The London Oratory has announced that it will dedicate one of its chapels to Cardinal John Henry Newman to coincide with his beatification.
This is among the first chapels to be dedicated to the convert cardinal who is due to be beatified in September.
The Fathers of the London Oratory hope to have the chapel finished in time for the beatification.
The news was announced at Mass last week.
A copy of a 1881 famous portrait by the renowned pre-Raphaelite painter Sir John Everett Millais, which hangs in the National Portrait Gallery, will hang in the chapel.
The chapel itself will take the place of the Cavalry chapel on the left side of the nave facing the altar, behind the statue of St Peter and next to the Lady Chapel.
John Henry Newman founded the first Oratory in Britain in Birmingham in 1849. Britain's other two Oratories, in London and in Oxford, were founded from Birmingham.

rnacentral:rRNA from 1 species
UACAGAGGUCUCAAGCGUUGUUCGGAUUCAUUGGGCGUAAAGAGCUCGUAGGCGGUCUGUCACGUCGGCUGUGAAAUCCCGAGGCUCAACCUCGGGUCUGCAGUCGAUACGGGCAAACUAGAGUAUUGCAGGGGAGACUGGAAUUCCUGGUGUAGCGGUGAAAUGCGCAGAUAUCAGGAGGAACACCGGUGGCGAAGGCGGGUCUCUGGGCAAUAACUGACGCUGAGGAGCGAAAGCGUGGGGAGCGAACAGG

Fr Wilfrid Faber, another convert from Anglicanism, who had joined the new Birmingham Oratory, eventually established the London Oratory in 1849.
Newman's Cause was opened in 1958 and the Congregation for the Causes of Saints declared him Venerable in 1991.
The next step in the process required a miracle.
Jack Sullivan, a deacon in Massachusetts, prayed for Cardinal Newman's intercession while suffering from a debilitating spinal disorder and was inexplicably cured in 2001.
Pope Benedict XVI approved the miracle in July last year, declaring the beatification imminent.
It is likely to be the high point of the Pope's visit to Britain in September and Vatican watchers believe he will himself perform the beatification, departing from norms he set for beatifications in 2005.
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